Fold away all your bright-tinted dresses, Turn the key on your jewels today, And the wealth of your tendril-like tresses Braid back in a serious way; No more delicate gloves, no more laces, No more trifling in boudoir or bower, But come with your souls in your faces To meet the stern wants of the hour. Look around! By the torchlight unsteady The dead and the dying seem one -- What! Trembling and paling already, Before your dear mission's begun? These wounds are more precious than ghastly -- Time presses her lips to each scar, While she chants of that glory which vastly Transcends all the horrors of war. Pause here by this bedside. How mellow The light showers down on that brow! Such a brave, brawny visgage, poor fellow! Some homestead is missing him now! Some wife shades her eyes in the clearing, Some mother sits moaning distressed, While the loved one lies faint but unfearing, With the enemy's ball in his breast. Here's another -- a lad -- a mere stripling, Picked up in the field almost dead, With the blood through his sunny hair rippling From the horrible gash in his head. They say he was first in the action; Gay-hearted, quick-headed, and witty: He fought till he dropped with exhaustion At the gates of our fair Southern city. Fought and fell 'neath the guns of that city, With a spirit transcending his years -- Lift him up in your large-hearted pity, And wet his pale lips with your tears. Touch him gently; most sacred the duty Of dressing that poor shattered hand! God spare him to rise in his beauty And battle once more for his land! Pass on! it is useless to linger While others are calling your care; There is need for your delicate finger, For your womanly sympathy there. There are sick ones athirst for caressing, There are dying ones raving at home, There are wounds to be bound with a blessing, And shrouds to make ready for some. They have gathered about you the harvest Of death in its ghastliest view; The nearest as well as the furthest Is there with the traitor and true. And crowned with your beautiful patience, Made sunny with love at the heart, You must balsam the wounds of the nations, Nor falter nor shrink from your part. And the lips of the mother will bless you, And angels, sweet-visaged and pale, And the little ones run to caress you, And the wives and the sisters cry hail! But e'en if you drop down unheeded, What matter? God's ways are the best; You have poured out your life where 'twas needed, And He will take care of the rest.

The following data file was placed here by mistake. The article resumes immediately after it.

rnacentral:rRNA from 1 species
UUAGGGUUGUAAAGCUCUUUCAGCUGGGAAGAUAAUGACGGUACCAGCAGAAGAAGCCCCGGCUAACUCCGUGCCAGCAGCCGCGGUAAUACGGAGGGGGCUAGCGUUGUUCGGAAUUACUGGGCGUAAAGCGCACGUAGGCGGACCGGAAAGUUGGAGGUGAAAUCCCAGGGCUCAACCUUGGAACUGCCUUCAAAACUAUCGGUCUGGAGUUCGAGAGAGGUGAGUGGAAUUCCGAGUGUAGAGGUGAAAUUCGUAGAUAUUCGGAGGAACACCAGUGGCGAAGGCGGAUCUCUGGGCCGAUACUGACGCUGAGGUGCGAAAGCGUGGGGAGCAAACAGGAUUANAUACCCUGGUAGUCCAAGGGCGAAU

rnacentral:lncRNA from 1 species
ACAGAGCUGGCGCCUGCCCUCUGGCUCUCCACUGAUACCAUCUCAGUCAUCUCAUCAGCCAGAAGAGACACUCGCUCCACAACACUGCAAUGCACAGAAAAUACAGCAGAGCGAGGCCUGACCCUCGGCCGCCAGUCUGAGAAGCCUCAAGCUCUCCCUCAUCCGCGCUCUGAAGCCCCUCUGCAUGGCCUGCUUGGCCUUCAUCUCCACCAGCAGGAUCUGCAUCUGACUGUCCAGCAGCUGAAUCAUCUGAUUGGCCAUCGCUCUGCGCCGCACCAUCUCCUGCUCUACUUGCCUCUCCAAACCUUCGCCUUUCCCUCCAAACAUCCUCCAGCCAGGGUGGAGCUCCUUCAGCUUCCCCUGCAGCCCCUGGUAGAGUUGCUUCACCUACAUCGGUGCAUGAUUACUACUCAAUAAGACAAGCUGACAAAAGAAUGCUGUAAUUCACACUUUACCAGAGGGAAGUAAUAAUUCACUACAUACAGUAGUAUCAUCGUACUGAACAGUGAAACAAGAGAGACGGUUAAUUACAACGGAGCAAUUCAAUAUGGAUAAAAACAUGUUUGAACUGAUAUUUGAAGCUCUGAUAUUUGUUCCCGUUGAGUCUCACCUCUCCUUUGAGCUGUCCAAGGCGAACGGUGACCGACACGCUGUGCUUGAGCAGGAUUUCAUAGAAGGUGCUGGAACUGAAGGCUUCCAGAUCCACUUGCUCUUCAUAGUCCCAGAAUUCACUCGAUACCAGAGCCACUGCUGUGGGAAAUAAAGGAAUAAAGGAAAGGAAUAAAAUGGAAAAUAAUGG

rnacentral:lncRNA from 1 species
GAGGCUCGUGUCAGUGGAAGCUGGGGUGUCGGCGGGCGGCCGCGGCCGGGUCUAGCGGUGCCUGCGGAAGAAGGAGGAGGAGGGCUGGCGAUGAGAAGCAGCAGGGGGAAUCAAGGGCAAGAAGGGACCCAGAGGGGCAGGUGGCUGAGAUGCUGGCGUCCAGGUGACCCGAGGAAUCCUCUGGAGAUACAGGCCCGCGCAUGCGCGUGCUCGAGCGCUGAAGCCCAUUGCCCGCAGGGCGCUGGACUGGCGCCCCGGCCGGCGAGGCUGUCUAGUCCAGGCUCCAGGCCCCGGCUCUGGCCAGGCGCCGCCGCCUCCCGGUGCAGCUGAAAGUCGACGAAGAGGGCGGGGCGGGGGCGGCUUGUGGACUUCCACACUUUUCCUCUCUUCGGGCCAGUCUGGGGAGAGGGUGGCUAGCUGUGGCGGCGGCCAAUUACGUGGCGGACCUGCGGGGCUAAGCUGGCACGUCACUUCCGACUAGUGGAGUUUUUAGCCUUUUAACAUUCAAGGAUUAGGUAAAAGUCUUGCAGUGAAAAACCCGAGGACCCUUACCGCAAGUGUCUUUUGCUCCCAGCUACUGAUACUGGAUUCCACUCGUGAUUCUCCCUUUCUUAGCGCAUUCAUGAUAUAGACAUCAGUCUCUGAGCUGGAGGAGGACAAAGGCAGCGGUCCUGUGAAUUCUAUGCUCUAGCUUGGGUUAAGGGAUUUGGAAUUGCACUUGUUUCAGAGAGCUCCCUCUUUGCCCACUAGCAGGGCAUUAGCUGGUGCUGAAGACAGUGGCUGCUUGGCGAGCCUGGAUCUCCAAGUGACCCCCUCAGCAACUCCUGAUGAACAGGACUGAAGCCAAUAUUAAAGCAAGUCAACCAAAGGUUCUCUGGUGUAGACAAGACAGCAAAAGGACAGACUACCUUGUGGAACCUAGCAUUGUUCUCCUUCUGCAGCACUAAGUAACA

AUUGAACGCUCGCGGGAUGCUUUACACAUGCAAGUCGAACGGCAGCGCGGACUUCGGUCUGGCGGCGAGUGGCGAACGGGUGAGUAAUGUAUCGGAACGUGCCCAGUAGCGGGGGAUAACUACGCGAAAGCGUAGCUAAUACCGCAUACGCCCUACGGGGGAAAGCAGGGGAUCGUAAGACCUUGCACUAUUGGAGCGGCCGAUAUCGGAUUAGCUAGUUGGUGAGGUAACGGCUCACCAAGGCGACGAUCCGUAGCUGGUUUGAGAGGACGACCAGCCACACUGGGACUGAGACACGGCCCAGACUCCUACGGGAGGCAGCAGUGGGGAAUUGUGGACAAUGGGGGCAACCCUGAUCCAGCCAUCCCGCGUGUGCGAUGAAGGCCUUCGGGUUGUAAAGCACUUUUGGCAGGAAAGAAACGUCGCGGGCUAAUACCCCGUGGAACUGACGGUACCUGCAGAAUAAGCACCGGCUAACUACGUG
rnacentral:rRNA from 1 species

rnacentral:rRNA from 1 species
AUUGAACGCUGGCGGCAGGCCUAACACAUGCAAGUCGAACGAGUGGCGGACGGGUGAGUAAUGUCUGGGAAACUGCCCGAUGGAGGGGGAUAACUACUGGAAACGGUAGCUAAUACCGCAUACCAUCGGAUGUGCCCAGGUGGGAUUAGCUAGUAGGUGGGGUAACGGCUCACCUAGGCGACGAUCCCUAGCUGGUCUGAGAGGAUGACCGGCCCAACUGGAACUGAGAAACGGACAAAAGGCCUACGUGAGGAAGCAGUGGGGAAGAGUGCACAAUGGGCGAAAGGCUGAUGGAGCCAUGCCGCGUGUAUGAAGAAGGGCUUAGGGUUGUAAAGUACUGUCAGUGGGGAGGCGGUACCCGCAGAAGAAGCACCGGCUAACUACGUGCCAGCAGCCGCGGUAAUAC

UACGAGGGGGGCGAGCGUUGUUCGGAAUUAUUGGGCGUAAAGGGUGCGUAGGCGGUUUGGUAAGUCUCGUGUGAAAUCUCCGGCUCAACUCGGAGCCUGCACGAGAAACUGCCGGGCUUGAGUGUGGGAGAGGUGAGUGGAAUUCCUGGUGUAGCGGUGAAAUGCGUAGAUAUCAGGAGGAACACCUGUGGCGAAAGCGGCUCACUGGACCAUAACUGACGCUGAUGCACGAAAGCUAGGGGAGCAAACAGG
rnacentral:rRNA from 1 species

The Home Front

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Last modified 16-April-2001